Storing Paper Records
Contrary to predictions in the 1960s of the paperless office, global consumption of office more than doubled in the 1980s and 1990s, and has leveled off somewhat since then. So chances are your office is still cluttered with paper documents.
Files should be purged at least annually, and inactive records should be stored separately from the active records. Because paper is vulnerable to temperature, humidity and light, it’s important to take care when storing this type of record (microfiche and microfilm, as well).
Recommended Storage Techniques
First, determine how long the records need to be stored, in accordance with UC Records Disposition Schedules. Whether you choose to store records on site or at an off-site location, you need to consider:
- Security. Records should be kept in a place to which only authorized users have access. Choose a specific location in your department to store paper records. Only a few key individuals should have keys to the cabinet or room. Use sign-out sheets to record when documents are removed and by whom.
- Light and air circulation. Because light fades paper and is harmful to microfiche and microfilm, lights should be turned off whenever possible. Rooms without windows are preferable. Store records in these types of containers:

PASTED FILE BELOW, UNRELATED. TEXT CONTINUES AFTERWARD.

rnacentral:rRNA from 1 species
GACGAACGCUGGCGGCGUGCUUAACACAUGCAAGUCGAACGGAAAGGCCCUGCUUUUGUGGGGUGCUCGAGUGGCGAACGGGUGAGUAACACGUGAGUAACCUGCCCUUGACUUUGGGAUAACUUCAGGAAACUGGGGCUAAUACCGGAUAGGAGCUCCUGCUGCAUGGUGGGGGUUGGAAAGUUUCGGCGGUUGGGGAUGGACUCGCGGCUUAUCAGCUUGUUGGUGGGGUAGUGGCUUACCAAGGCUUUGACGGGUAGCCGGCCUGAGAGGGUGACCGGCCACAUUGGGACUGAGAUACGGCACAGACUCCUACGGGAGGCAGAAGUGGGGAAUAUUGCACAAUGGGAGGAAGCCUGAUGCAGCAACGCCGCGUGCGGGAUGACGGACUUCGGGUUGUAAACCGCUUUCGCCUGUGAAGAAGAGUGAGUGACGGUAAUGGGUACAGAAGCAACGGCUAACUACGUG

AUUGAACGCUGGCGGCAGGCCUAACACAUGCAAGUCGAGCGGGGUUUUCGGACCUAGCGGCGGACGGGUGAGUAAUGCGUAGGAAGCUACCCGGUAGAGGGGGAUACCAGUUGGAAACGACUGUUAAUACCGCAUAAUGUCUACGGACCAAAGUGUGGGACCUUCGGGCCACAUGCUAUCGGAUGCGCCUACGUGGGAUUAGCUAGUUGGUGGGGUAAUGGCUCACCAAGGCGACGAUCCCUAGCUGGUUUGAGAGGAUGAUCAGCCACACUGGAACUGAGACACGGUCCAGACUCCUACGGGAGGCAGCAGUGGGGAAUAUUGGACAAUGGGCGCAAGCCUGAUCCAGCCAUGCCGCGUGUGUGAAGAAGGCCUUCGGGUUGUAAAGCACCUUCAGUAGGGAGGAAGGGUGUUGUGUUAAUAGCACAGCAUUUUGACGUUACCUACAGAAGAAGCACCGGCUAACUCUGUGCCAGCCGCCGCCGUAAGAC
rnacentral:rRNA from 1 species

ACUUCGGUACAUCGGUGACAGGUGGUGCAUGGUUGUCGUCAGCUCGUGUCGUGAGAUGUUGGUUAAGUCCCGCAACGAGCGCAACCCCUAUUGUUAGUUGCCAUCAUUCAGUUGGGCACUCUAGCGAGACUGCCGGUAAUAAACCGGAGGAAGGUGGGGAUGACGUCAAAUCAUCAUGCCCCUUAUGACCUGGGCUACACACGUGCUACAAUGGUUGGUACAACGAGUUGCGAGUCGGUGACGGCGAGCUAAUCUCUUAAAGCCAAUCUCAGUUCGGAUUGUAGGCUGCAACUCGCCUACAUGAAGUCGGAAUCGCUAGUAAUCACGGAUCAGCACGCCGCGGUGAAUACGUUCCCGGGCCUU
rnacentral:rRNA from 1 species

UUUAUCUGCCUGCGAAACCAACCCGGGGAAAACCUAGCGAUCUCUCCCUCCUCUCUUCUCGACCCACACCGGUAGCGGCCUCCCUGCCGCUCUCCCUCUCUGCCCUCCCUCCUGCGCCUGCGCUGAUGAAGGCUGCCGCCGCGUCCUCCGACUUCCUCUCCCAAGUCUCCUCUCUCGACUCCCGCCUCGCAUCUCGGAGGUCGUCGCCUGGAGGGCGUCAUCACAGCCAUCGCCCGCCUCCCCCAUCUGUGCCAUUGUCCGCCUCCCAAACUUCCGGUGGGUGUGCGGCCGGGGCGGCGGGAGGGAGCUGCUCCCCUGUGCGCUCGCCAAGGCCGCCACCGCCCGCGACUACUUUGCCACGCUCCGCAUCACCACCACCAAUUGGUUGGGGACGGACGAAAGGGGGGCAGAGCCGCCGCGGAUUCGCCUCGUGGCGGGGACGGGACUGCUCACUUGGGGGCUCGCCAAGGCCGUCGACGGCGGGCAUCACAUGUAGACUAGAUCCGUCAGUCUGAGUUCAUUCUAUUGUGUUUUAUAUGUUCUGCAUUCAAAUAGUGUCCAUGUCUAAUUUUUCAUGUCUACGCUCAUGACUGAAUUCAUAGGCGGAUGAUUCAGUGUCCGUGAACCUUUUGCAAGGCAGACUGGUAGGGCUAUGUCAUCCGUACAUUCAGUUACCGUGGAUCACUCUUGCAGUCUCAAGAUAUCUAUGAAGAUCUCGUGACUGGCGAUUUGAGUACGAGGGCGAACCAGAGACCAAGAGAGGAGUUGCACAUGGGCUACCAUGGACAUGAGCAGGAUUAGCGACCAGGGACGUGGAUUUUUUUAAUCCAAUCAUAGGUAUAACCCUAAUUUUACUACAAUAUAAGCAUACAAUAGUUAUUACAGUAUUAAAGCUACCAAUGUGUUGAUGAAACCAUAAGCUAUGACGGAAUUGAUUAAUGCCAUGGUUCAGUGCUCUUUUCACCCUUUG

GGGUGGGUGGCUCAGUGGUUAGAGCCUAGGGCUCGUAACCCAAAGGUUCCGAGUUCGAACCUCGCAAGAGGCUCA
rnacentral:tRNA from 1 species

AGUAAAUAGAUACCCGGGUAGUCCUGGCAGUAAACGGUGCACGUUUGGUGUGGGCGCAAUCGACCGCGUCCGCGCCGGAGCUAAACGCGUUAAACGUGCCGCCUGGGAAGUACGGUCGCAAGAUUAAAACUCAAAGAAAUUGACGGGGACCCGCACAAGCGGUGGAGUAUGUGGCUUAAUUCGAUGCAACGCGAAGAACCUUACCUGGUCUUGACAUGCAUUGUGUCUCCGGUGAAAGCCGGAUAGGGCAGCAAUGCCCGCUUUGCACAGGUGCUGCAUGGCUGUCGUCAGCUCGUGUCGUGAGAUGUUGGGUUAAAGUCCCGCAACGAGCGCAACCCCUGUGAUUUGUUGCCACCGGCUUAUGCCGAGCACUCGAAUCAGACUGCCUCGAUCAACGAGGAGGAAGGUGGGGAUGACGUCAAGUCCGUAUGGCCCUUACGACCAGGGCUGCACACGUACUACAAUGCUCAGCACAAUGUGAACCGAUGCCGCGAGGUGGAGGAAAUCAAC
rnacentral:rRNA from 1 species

- Paper in heavy cardboard storage boxes.
- Microfiche and microfilm in light-resistant containers.
- Relative humidity. Paper, microfilm and microfiche documents should be stored in an environment with relative humidity of 45 to 50 percent. Higher humidity can cause mold to grow and may destroy the records.
- Natural risks. Storing documents on metal shelving is preferable. Wood shelving can harbor pests and could contribute to the spread of fire. Cardboard boxes should be stored no more than three or four high, and should be stacked in staggered fashion, to avoid the possibility of the bottom box caving in.
- Labeling. Each storage container should have sufficient information to identify the type of record, the date(s) covered by the records within and the date on which it may be destroyed (see the University Records Disposition Schedules). Use quality labels that will not lose their adhesiveness or mark the containers directly. Use permanent markers for labeling.
- Off-site storage. UCLA has a contract with Iron Mountain, a records management vendor that stores paper and other records at their facilities and offers destruction services as well. If you have a large volume of records for off-site storage, you may want to consider scanning your paper documents into electronic images to save space and money.
- Destruction. Records must be destroyed in accordance with the University's records retention policies. Documents that contain personal or sensitive information should be shredded. Purchasing a small cross-cut shredder for your department may be a good option if you do not shred a large volume of records. If you have a lot of records to dispose of, check the Vendor Agreements List (see Related Information) to find who has a contract with UCLA for document destruction. Remember that confidential records must be protected throughout the entire process. If you would rather use another vendor, contact Campus Purchasing for assistance. If a third party shreds your documents, be sure to obtain a certificate of completion to verify that the items have been destroyed properly.
Documents with historical value to the University should be sent to University Archives.